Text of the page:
Pre-pandemic, flexibility was mostly enjoyed by high-skilled roles, including knowledge workers, professionals and managers working in ICT, legal, business, administration and science. But beware the hierarchy effect: figures comparing technical teleworkability with actual uptake of telework suggest that pre-pandemic telework was driven more by organisational hierarchy and status than by technical feasibility (Figure 3).

Figure 3 : Prevalence of telework by occupation, EU-27


Source: JRC121426.

Task-based flexibility will get you further

Measures that classify entire roles as non-teleworkable underestimate the full potential of hybrid working.  A teleworkability index developed by JRC/Eurofound, for example, uses task-level variables to determine teleworkability, and classify jobs as “non-teleworkable whenever any of these indicators is above a certain threshold, and as technically teleworkable otherwise.”

A focus on the task composition of each role and what share of those can be performed remotely or asynchronously will enable firms to offer flexibility to a greater number of employees. An analysis of 2,000 tasks across 800 jobs found that ‘updating knowledge and learning’ has the most potential for remote work with an estimated 87% percent of time that can be spent remotely, while ‘assisting and caring for others’ can only be done remotely 10% of the time (making travel arrangements can be done remotely, for example, but providing emergency assistance cannot) (Figure 4). ‘Handling and moving objects’ and ‘controlling machines and mechanical equipment’ were found to be impossible to do remotely (with a score of 0) but innovation will likely change that as drones and other remote technologies become more widely used in factories.


Source: Bruegel based on McKinsey Global Institute (2020). Note: Bars contain examples of tasks than can (yellow) and cannot (purple) be done remotely.

Preference-based flexibility for greater engagement

Whenever structural aspects allow for flexible working, employers can boost employee engagement insofar as it meets workers needs’ and preferences, by taking into account personal wishes or ambitions (such as coaching for junior staff), personal circumstances (such as chronic illness, commuting time or care work) and personal characteristics (like personality, tenure and age). Teams could even redistribute tasks across people according to their flexibility preferences.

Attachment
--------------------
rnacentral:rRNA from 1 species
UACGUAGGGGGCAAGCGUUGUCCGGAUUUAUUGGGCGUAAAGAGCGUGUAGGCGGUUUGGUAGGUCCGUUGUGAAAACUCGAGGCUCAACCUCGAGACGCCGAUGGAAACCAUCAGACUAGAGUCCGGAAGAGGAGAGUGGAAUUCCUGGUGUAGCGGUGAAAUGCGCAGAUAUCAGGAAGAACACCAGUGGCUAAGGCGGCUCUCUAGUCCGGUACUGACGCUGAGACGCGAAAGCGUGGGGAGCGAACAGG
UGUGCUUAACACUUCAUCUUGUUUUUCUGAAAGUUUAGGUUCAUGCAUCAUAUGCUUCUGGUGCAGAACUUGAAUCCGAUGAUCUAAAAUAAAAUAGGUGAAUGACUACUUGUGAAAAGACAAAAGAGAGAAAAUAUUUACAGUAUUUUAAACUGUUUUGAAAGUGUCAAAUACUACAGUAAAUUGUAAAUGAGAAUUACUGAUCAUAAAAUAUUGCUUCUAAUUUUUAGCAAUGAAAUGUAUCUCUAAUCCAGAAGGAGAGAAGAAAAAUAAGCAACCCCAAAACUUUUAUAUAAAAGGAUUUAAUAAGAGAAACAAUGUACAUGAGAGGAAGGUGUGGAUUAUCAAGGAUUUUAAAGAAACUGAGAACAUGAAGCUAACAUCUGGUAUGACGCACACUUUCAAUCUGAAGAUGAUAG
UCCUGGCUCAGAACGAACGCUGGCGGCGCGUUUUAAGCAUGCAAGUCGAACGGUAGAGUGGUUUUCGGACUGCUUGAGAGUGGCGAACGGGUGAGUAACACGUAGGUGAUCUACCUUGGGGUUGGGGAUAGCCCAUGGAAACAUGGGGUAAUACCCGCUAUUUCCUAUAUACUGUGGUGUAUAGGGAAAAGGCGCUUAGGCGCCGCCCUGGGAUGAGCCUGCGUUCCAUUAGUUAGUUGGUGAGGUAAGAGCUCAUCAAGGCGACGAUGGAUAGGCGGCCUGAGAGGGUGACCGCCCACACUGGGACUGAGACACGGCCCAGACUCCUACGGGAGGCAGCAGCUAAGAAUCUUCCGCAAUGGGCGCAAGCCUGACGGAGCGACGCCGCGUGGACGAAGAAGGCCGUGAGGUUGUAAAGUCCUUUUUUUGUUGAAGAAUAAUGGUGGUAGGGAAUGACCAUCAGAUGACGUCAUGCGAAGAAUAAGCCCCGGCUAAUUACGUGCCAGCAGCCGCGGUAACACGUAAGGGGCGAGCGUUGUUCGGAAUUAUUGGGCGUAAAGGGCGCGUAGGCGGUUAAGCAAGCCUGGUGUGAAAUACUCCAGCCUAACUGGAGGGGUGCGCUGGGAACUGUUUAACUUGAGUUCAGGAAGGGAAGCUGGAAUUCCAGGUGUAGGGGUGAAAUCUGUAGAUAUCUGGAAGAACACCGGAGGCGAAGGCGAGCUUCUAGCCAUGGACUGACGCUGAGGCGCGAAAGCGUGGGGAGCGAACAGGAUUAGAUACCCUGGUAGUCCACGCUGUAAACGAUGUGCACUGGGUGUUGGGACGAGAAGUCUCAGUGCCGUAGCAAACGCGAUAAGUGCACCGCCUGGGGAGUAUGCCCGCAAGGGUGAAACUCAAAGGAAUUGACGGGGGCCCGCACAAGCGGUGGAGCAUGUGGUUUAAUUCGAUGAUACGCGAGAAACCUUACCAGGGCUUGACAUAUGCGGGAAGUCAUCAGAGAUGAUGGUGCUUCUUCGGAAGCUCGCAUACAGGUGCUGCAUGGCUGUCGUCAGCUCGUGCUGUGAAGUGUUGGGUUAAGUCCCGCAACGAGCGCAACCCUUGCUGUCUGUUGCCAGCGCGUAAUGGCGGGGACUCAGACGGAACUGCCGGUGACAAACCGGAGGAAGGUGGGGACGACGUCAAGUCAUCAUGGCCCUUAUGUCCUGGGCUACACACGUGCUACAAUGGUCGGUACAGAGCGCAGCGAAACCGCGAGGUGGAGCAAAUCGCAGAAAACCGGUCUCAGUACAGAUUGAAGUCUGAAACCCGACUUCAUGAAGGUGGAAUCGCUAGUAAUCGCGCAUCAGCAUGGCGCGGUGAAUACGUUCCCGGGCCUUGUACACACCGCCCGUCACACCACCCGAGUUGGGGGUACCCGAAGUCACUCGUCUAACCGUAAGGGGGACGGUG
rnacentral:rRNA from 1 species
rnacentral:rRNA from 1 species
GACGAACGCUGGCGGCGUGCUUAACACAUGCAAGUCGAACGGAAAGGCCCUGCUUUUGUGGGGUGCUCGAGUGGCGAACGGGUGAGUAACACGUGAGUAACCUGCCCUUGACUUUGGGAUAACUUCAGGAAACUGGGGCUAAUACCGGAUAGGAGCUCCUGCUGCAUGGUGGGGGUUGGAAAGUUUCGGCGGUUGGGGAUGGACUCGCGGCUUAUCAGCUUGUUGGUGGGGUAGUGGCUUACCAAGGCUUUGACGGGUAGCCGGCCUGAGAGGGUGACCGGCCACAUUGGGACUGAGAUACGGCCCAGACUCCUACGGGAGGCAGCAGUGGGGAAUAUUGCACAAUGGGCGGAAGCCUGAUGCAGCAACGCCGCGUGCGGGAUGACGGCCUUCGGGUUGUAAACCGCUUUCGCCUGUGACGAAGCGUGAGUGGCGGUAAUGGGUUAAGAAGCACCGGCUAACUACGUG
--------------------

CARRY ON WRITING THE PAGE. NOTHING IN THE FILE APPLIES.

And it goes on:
Challenge 2: Designing an optimal configuration of flexibility at the collective level

Once the potential for flexibility is known at individual and task level, companies face the challenge of finding an optimal level of flexibility for the organisation as a whole. In a context of interdependent tasks, insights into the externalities arising from individual flexibility can steer coordination efforts within teams and departments.

Two tasks are interdependent when the value of performing one task depends on the way another task is performed. Assembly-line work is obviously highly interdependent: when one task in the line is not performed correctly or on time, all subsequent tasks suffer. But knowledge work can also be highly interdependent: when research assistants miscalculate data, professors may draw unfounded conclusions in their papers. Interdependence is the foundational concept for determining the boundary and composition of teams and departments. Therefore, in well-designed teams, tasks of team members are highly interdependent.

Coordinating tasks to ensure productive hybrid teams

Research shows that teleworking increases coordination costs: less opportunity for informal coordination (in terms of networking, coaching and one-on-ones) increases the need for formal coordination (more time spent on meetings, calls, or answering e-mails). This increased coordination cost reflects the presence of task interdependence which, in a hybrid context, needs to be investigated through two additional lenses: spatial and temporal.

A journalist writing an article and a copy editor reviewing the text are examples of two purely temporally interdependent tasks. The tasks can be performed remotely without loss of value but as time passes, the news story becomes less relevant and the combined value of the tasks decreases. In this case, the two workers should synchronise their working time.